What do libertarians think of open borders?
Restricting immigration is economically and morally a disaster, says US economist Bryan Caplan
The American economist Bryan Caplan describes today's immigration policy as “global apartheid” and calls for nothing other than the abolition of borders. He is convinced that this would almost double the world's wealth. A conversation with the controversial bestselling author.
Trump, Boris Johnson and Brexit, Orban in Hungary, Salvini in Italy, the AfD in Germany: there are politicians and parties in many places who want to curb immigration. Mr. Caplan, on the other hand, you advocate open borders. Are you a dreamer?
The idea of open borders has not only had few advocates since today. The figures mentioned do not change that much. I am someone who gets involved with ideas that have a lot to offer but are unpopular. If there were already twenty books on the subject, I wouldn't have to write about them.
Are there experiences with open borders that you can build on?
Until 1921, the borders in the USA were almost open. There were only certain restrictions for people from Asia. An open regime also applied in Europe until the First World War. And in the 19th century there were countries like the USA, Canada, Brazil, Argentina, Australia and New Zealand that explicitly encouraged immigration.
If the experiences at that time were positive, why was this policy abandoned?
I see one reason in the rise of the mass media. You have allowed people to spread their disapproval and pessimism more effectively. In the United States, for example, there was an attitude among immigrants from Northern Europe that migrants from Southern Europe were inferior. Such stereotypes were combined with complaints about supposedly falling wages.
They say we live in a world of global apartheid. Why do you think that?
In terms of South Africa, apartheid meant that blacks' freedom of movement was restricted. They were not allowed to go to certain places and they could not do certain jobs. When it comes to mobility, it's similar today: if you're born in the wrong country, you can't move around the world freely.
But there is a big difference to South Africa: In western countries nobody tells you where to live.
That is why I also speak of “global apartheid”. But let's do a thought experiment. Let us assume that the FRG had built a wall to keep the East Germans out. The effect for the citizens in East Germany would have been similar to the real wall of the GDR regime: the movement is narrowed in both cases. A wall on the part of the FRG would not have been more acceptable either! And yet the thought experiment stands metaphorically for a restrictive immigration policy, as it is known in many countries today. It shows how arbitrary such restrictions are.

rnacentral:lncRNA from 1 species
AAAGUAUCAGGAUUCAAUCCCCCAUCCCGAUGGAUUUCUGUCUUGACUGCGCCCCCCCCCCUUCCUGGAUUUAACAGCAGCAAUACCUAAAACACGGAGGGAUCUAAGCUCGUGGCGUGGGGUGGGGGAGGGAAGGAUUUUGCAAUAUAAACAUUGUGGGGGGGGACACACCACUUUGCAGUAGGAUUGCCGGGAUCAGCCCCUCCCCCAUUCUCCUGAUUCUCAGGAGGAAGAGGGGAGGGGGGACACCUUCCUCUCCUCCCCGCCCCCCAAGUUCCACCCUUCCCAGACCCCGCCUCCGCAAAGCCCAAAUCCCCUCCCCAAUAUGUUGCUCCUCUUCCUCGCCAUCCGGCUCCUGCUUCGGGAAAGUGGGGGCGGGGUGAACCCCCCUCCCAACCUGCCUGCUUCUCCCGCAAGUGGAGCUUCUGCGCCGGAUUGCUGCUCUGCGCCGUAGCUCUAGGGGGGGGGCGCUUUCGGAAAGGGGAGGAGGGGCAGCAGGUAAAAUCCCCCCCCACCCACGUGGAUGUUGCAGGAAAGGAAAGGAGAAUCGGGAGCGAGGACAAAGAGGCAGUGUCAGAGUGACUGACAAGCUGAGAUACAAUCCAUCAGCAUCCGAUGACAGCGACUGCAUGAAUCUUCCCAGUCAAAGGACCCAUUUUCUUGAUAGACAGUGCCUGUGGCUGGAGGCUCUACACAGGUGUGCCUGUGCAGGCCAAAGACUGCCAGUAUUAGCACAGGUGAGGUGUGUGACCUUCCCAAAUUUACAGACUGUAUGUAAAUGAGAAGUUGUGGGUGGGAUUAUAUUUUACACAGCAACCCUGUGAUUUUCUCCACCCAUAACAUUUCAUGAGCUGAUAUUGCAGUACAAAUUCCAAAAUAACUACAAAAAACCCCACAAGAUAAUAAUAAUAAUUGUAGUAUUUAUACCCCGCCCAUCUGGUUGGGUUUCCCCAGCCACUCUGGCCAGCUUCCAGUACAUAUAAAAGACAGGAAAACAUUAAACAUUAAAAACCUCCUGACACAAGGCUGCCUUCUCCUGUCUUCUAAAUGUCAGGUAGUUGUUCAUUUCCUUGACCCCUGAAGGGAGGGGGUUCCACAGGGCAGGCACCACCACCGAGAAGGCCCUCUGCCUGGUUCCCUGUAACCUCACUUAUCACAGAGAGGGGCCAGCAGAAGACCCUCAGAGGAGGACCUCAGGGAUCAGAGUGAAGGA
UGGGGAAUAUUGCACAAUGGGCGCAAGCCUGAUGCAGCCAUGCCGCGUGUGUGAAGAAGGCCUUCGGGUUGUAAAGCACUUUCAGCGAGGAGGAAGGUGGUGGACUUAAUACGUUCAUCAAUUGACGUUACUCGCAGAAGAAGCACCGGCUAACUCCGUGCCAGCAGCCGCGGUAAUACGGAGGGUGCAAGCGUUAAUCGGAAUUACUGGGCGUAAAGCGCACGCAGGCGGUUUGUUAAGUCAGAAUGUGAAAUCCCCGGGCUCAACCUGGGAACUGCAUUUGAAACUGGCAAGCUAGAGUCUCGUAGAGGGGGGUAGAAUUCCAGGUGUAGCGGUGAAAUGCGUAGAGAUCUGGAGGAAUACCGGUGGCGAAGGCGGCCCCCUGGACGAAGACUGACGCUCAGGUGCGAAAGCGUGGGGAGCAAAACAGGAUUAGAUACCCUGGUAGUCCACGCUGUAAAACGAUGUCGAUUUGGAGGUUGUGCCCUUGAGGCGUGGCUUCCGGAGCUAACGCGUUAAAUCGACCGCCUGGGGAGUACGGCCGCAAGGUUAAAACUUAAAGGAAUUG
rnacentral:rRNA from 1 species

But there are very real problems if we simply tear down the border fences: People in Switzerland complain about the overcrowded public transport.
But there are questions of the right regulation. Instead, such problems are blamed on the immigrants. In public transport you give people the wrong price signals. In general, prices are too low when there is overuse. If you ask for higher prices at rush hour, you earn more money with which you could finance an expansion of the infrastructure. That would be the obvious and more humane approach.
The pressure on the housing markets also increases when more people come.
Therefore, stifling immigration is for me similar to limiting the number of children per family in order to protect the infrastructure or the housing market. If there are too few apartments, you build more of them, designate more building land and reduce the bureaucratic requirements.
And how do you intend to make immigration more palatable to the local population?
First of all, the secret of mass consumption lies in mass production. So it's about increasing production. The gain in prosperity now arises from the fact that people migrate from places with low productivity to those with higher productivity. When someone comes to Switzerland from Albania, their earnings will rise sharply because they are more productive in Switzerland than in their country of birth. Immigration therefore increases human productivity. This not only improves the lot of immigrants, but that of all consumers.
How much does welfare increase?
Michael Clemens from the Center for Global Development estimates that the increase in prosperity from open borders is half to one and a half times the global economic output.
As long as there is no massive immigration, your argument can still be followed. But a million refugees came to Germany within a very short time. That was a lot very quickly.
I ask back: How much have real estate prices fallen in Berlin, for example, because of the refugee crisis? If real estate prices even go up, a city can't be too bad - we have enough cities in the United States that are bleeding to death.
But there is not much to be seen of the refugees' high productivity either.
This will certainly not happen immediately, but only over time. You shouldn't focus on what happens in the first few months, but look at your whole life. Especially with young refugees, the chances of a positive balance are good.
In the case of refugees, however, it takes a full 15 years until 70% of them are active in the labor market, while 80% of the locals are gainfully employed.
Then one should wonder what could be done to make more of them work. Perhaps the transfers are too high because they reduce the motivation to take up a job. Instead, every time there are problems with migrants, there is a reflexive demand to get rid of them. This amounts to unfair clan liability if you no longer allow refugees in because initially only a few work.